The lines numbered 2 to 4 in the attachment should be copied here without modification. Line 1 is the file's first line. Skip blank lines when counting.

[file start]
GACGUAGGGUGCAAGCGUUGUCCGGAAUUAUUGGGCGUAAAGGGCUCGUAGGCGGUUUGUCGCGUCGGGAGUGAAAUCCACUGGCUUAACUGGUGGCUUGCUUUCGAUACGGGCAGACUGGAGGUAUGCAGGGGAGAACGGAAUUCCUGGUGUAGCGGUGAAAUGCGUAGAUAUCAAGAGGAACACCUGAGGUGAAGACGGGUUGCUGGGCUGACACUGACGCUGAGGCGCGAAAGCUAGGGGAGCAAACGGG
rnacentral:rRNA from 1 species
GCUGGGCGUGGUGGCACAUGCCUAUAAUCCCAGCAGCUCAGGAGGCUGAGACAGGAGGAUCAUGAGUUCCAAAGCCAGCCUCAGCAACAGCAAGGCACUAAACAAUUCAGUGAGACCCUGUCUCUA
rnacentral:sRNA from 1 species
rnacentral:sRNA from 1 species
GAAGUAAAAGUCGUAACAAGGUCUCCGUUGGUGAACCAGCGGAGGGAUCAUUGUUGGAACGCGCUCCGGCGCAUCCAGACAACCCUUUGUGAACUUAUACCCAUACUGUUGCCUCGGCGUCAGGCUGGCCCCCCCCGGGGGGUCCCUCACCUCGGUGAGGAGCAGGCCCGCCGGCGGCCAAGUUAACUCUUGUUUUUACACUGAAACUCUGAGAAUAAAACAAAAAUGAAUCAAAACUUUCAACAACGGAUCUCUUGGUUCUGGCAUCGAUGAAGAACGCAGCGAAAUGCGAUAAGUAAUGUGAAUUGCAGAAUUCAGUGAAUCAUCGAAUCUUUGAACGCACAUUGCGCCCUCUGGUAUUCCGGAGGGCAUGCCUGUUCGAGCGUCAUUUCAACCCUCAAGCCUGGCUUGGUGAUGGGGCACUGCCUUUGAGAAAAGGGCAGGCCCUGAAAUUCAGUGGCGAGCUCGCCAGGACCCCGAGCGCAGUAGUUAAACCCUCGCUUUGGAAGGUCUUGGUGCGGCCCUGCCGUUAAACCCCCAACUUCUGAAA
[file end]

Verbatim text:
rnacentral:rRNA from 1 species
GCUGGGCGUGGUGGCACAUGCCUAUAAUCCCAGCAGCUCAGGAGGCUGAGACAGGAGGAUCAUGAGUUCCAAAGCCAGCCUCAGCAACAGCAAGGCACUAAACAAUUCAGUGAGACCCUGUCUCUA
rnacentral:sRNA from 1 species